Meanwhile, there aren't many trading catalysts for Arena, which helps explain the recent price action. Data from the phase III lorcaserin studies won't ready until the first half of 2009. And while Arena is expected to find a partner for this drug, many investors don't believe a partnership is likely until next year.
William H. asks, "What's your take on the recent announcement by
of a partnership agreement with
over development of a cancer drug?"
My take: I like it.
The drug is XL518, a so-called MEK inhibitor, which works by disrupting one of the signaling pathways inside cells that allow tumors to grow out of control. XL518 is still in phase I studies, however, so the positive news of the partnership is tempered by the fact that the drug's development is still in the early stages.
I've long liked Exelixis for its deep pipeline of cancer drugs. Unfortunately, the stock has been hammered in this biotech bear market. At below $6, the stock is down about 50% from where it was last fall. I used to think Exelixis at $7-$8 was cheap, but I guess not.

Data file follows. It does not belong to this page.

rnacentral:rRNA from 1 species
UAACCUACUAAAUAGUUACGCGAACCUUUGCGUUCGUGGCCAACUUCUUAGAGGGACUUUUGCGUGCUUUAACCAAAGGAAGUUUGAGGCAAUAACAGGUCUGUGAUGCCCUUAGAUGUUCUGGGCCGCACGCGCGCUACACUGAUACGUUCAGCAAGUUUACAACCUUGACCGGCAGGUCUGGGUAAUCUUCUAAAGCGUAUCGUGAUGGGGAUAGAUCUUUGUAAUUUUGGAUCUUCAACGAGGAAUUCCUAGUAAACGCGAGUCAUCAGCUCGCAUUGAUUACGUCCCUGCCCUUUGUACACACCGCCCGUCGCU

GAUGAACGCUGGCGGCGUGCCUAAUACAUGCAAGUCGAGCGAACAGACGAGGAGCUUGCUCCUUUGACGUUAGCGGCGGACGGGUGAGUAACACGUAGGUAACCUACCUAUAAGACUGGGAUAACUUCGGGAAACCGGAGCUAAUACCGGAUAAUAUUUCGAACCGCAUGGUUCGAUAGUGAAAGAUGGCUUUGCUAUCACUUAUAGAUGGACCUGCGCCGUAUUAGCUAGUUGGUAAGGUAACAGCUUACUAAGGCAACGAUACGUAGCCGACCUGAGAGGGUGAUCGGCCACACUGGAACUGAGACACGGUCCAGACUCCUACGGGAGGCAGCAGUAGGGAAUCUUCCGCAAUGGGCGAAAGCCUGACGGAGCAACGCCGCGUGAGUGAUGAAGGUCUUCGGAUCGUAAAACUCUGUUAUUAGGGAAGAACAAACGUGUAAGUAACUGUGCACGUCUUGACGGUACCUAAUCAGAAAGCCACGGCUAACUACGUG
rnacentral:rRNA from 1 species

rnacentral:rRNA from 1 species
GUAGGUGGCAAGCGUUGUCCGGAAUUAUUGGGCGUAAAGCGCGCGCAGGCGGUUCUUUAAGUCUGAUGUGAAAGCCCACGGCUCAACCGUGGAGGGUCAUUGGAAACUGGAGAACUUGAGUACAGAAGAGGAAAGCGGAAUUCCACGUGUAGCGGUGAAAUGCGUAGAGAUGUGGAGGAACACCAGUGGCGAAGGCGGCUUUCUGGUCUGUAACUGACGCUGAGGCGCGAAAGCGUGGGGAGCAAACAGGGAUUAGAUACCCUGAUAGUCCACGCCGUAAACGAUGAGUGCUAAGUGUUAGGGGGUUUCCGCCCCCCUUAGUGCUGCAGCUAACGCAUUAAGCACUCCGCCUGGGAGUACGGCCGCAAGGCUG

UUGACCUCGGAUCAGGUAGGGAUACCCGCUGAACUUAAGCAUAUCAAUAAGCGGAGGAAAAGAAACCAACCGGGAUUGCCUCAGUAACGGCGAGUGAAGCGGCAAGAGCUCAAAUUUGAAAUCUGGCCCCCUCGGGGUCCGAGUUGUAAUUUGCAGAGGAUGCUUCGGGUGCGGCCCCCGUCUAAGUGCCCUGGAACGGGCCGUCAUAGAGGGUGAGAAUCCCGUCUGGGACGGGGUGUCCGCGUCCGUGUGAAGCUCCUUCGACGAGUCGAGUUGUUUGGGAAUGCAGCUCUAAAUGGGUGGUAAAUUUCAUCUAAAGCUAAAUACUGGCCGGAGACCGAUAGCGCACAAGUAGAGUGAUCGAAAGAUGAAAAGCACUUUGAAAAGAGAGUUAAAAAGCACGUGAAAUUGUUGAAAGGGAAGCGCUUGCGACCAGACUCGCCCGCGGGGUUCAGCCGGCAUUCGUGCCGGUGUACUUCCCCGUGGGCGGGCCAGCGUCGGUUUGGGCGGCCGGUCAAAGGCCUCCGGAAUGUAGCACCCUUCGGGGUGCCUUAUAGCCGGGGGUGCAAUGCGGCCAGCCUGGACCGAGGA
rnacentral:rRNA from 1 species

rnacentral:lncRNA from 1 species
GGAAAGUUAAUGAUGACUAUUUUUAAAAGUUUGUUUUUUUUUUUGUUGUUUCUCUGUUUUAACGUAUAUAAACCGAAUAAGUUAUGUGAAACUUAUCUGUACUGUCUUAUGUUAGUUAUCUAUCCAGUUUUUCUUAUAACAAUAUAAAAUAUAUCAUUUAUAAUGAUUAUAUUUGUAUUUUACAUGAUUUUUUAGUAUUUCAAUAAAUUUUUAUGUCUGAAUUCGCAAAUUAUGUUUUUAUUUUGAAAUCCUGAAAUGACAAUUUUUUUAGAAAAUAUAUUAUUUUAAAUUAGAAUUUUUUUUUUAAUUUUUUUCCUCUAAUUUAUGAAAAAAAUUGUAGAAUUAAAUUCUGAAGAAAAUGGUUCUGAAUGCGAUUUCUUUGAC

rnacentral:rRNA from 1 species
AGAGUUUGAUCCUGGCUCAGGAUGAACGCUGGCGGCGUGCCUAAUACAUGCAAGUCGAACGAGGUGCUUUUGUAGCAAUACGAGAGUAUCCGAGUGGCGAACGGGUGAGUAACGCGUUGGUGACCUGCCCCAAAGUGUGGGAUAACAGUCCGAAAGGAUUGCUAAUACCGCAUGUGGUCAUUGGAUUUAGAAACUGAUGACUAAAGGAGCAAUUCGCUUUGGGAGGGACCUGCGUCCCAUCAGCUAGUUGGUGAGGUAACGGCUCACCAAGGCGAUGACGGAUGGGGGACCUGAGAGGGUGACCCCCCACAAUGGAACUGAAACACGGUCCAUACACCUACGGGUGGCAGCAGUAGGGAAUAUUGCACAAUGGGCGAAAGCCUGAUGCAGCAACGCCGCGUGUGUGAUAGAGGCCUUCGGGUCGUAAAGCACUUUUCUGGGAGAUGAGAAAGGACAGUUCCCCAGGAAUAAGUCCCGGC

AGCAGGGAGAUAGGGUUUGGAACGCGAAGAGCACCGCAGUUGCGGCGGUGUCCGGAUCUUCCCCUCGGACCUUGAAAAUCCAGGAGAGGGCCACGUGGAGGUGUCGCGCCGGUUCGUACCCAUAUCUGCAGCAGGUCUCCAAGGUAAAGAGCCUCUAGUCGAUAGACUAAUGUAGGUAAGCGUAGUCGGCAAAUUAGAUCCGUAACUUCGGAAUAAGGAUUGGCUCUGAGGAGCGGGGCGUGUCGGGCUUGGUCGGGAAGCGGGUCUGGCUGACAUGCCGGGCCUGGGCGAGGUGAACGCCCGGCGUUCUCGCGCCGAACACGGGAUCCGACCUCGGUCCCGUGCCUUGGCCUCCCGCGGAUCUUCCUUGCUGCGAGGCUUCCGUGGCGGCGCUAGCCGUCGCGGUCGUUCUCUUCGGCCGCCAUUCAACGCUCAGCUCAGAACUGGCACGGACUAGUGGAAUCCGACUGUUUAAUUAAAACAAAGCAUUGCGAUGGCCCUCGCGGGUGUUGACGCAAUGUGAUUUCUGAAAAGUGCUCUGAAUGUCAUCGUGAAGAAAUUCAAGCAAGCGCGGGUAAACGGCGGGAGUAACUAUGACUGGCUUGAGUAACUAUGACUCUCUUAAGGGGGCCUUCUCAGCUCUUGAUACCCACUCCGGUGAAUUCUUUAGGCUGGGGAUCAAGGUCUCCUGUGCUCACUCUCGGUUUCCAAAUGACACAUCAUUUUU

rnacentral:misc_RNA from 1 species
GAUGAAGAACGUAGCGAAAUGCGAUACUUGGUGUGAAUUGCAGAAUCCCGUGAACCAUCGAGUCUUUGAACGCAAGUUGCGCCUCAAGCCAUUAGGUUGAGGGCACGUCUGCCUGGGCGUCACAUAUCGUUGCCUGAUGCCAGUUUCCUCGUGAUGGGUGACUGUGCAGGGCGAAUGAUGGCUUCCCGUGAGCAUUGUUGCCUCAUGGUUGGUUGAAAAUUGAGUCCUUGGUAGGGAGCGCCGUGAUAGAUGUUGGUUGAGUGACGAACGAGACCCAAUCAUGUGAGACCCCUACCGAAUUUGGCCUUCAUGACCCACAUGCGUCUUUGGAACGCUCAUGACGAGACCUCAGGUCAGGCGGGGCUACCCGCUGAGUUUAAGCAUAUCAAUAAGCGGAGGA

The knock on the company is that it burns through too much money and none of its drugs are far enough along. Those are valid arguments, and ones that sting in this market, where investors are exquisitely sensitive to risk and hate companies that spend, spend, spend.
I'm hoping that Exelixis livens up going into the American Society of Clinical Oncology annual meeting at the end of May.
Let me close this week's Mailbag with a really nice note from Matthew S. remarking on my
coverage of last week's FDA advisory panel meeting for
anemia drugs in cancer.
"Adam, thanks for the fantastic coverage on Amgen today. My trades in Amgen alone today more than paid for my subscription to
. Thanks for giving me the rest of the year for free."
Awesome. That's about the best feedback I can get from a reader, so thanks so much.
For those of you who don't subscribe to
, you should check it out. While most of my columns are published to
and are available for free, I do post a lot of (hopefully) valuable biotech insights and analyses on the
"Columnist Conversation" feature, available only to paid subscribers.
Adam Feuerstein writes regularly for TheStreet.com. In keeping with TSC's editorial policy, he doesn't own or short individual stocks, although he owns stock in TheStreet.com. He also doesn't invest in hedge funds or other private investment partnerships. Feuerstein appreciates your feedback;